The satirical grotesque of the 18th century had been characterized by a sort of grandiose brutality, by a certain vigorous obscenity, by a violence of expression and intention, that appear monstrous in these days of reserve and restraint, but that doubtless sorted well enough with the strong party feelings and fierce political passions of the age. After the downfall of Napoleon (1815), however, when strife was over and men were weary and satisfied, a change in matter and manner came over the caricature of the period. In connection with this change, the name of George Cruikshank (1792–1878), an artist who stretches hands on the one side towards Hogarth and Gillray, and on the other towards Leech and Tenniel, deserves honourable mention. Those of Cruikshank’s political caricatures which were designed for the squibs of William Hone (1779–1842) are, comparatively speaking, uninteresting; his ambition was that of Hogarth—the production of “moral comedies.” Much of his work, therefore, may be said to form a link in the chain of development through which has passed that ironical genre to which reference has already been made. In 1829, however, began to appear the famous series of lithographs, signed H.B., the work of John Doyle (1798–1868). These jocularities are interesting otherwise than politically; thin and weakly as they are, they inaugurated the style of later political caricature. In France, meanwhile, with the farcical designs of Edme Jean Pigal (b. 1794) and the realistic sketches of Henri Monnier (1805–1872), the admirable portrait-busts of Jean Pierre Dantan the younger (1800–1869) and the fine military and low-life drolleries of Nicolas Toussaint Charlet (1792–1845) were appearing. Up to this date, though journalism and caricature had sometimes joined hands (as in the case of the Craftsman and the Anti-Jacobin, and particularly in Les Révolutions de France et de Brabant and Les Actes des Apôtres), the alliance had been but brief; it was reserved for Charles Philipon (1802–1862), who may be called the father of comic journalism, to make it lasting. The foundation of La Caricature, by Philipon in 1831, suppressed in 1835 after a brief but glorious career, was followed by Le Charivari (December 1832), which is perhaps the most renowned of the innumerable enterprises of this extraordinary man. Among the artists he assembled round him, the highest place is held by Honoré Daumier (1808–1879), a draughtsman of great skill, and a caricaturist of immense vigour and audacity. Another of Philipon’s band was Sulpice Paul Chevalier (1801–1866), better known as Gavarni, in whose hands modern social caricature, advanced by Cruikshank and Charlet, assumed its present guise and became elegant. Mention must also be made of Grandville (J. I. I. Gérard) (1803–1847), the illustrator of La Fontaine, and a modern patron of the medieval skeleton; of Charles Joseph Traviès de Villers, the father of the famous hunchback “Mayeux”; and of Amedée de Noé, or “Cham,” the wittiest and most ephemeral of pictorial satirists. In 1840 the pleasantries of “H.B.” having come to an end, there was founded, in imitation of this enterprise of Philipon, the comic journal which, under the title of Punch, or the London Charivari, has since become famous all over the world. Among its early illustrators were John Leech (1817–1864) and Richard Doyle (1824–1883), whose drawings were full of the richest grotesque humour.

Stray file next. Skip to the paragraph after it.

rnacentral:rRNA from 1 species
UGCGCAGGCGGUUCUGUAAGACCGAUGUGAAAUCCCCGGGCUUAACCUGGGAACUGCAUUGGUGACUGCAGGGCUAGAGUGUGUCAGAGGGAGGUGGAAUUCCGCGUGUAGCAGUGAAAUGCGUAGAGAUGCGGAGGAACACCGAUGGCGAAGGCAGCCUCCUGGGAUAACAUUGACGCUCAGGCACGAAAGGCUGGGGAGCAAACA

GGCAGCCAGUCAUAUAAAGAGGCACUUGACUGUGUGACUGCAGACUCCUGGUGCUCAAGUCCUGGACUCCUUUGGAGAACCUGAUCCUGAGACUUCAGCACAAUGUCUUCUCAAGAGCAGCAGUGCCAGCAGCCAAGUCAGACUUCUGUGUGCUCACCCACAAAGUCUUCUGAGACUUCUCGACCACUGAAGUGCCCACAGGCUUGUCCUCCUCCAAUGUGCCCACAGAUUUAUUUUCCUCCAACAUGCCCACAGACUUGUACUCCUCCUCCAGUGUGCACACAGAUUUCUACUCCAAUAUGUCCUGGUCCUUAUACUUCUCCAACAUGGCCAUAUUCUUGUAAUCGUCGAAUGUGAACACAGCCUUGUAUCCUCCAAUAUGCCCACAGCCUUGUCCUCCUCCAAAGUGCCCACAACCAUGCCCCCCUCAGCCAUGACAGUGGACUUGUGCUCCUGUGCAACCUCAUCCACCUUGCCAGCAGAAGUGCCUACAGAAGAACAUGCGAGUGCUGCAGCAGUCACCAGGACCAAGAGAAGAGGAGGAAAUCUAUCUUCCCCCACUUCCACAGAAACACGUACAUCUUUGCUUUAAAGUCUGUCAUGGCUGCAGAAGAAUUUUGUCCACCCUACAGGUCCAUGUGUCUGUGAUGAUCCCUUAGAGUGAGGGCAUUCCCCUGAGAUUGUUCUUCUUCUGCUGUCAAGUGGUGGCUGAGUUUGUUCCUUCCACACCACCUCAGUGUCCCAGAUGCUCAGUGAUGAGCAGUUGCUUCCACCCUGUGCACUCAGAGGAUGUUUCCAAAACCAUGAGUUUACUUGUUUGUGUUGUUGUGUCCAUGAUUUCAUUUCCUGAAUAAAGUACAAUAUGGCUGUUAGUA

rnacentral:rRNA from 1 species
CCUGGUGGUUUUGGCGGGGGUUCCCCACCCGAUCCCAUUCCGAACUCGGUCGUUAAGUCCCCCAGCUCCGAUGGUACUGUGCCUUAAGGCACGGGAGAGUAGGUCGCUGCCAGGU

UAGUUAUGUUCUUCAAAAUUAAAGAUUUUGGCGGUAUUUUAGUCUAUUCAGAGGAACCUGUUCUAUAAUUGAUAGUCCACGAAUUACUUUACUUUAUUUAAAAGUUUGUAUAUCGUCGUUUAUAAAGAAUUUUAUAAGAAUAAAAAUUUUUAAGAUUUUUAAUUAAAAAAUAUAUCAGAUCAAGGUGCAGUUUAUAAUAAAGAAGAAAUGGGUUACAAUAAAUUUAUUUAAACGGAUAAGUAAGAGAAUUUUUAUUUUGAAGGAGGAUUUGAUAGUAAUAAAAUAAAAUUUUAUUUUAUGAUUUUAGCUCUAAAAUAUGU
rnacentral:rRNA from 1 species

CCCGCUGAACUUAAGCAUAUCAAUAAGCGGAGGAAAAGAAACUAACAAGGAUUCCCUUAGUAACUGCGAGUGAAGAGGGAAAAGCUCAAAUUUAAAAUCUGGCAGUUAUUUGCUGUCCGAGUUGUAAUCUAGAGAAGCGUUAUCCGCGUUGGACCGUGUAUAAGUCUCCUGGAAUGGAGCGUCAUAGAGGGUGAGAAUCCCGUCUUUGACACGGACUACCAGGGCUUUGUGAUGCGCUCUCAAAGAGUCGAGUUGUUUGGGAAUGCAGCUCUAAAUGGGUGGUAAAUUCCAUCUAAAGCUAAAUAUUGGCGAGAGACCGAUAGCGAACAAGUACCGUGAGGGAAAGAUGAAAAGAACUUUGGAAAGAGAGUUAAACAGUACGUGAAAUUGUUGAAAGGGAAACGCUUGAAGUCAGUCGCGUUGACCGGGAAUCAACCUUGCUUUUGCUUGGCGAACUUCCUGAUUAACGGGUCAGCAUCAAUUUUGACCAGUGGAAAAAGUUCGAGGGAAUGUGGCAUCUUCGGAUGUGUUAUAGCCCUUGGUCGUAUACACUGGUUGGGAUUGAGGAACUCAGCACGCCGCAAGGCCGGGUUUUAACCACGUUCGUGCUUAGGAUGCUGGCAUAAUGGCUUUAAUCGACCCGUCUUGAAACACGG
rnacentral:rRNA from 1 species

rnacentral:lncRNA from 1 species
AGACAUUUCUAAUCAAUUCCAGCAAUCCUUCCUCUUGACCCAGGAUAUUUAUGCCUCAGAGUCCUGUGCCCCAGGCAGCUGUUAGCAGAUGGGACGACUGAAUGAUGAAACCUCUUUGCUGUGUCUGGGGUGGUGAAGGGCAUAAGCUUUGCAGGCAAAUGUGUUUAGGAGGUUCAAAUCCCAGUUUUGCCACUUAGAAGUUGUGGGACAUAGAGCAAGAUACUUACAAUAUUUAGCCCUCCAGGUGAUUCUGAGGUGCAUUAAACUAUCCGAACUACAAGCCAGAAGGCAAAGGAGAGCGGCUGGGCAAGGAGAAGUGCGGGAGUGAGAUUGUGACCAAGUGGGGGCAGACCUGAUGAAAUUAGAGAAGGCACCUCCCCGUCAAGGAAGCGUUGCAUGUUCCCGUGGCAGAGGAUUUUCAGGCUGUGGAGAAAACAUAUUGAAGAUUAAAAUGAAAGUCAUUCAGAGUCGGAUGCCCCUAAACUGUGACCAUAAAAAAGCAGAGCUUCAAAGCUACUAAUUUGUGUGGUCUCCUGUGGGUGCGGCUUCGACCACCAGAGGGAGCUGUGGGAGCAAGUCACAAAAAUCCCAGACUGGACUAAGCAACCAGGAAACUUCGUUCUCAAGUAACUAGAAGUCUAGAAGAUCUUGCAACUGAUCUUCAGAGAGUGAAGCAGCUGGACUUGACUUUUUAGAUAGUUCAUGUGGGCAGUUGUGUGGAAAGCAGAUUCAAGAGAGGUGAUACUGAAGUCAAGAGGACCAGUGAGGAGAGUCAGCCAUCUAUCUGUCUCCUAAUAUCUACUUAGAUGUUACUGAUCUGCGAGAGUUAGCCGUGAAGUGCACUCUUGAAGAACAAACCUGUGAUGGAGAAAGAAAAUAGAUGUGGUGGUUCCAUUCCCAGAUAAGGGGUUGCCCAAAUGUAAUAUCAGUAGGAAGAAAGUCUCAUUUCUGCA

In 1862 Carlo Pellegrini, in Vanity Fair, began a series of portraits of public men, which may be considered the most remarkable instances of personal caricature in England.

For the later developments of caricature, it is convenient to take them by countries in the following sections:—

Great Britain.—During the later 19th century the term caricature, somewhat loosely used at all times, came gradually to cover almost every form of humorous art, from the pictorial wit and wisdom of Sir John Tenniel to the weird grotesques of Mr S. H. Sime, from the gay pleasantries of Randolph Caldecott to the graceful but sedate fancies of Mr Walter Crane. It is made to embrace alike the social studies, satirical and sympathetic, of Du Maurier and Keene, the political cartoons of Mr Harry Furniss and Sir F. C. Gould, the

unextenuating likenesses of “Ape,” and “Spy,” and “Max,” the